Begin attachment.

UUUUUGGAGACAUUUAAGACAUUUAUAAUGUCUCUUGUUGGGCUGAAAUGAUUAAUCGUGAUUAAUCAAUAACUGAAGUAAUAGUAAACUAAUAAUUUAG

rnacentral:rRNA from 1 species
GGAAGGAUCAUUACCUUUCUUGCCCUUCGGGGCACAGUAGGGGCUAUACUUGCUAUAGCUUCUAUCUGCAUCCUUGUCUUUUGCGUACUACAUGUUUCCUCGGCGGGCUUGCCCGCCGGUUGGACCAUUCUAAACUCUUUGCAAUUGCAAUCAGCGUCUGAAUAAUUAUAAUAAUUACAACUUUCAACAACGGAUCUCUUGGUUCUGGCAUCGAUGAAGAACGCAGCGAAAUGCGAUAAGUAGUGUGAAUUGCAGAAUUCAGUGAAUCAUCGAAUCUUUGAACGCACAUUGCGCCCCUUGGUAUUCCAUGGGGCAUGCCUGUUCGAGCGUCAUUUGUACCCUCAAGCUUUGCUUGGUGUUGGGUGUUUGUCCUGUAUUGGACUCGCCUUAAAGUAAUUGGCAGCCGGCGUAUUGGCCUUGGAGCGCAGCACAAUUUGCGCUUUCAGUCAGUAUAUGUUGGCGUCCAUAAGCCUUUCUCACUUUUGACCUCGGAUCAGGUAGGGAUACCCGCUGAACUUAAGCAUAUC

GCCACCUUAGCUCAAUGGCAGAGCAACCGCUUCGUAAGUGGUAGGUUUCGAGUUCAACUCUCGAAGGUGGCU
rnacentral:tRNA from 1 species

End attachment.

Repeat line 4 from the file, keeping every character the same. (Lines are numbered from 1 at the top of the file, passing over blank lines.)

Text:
GCCACCUUAGCUCAAUGGCAGAGCAACCGCUUCGUAAGUGGUAGGUUUCGAGUUCAACUCUCGAAGGUGGCU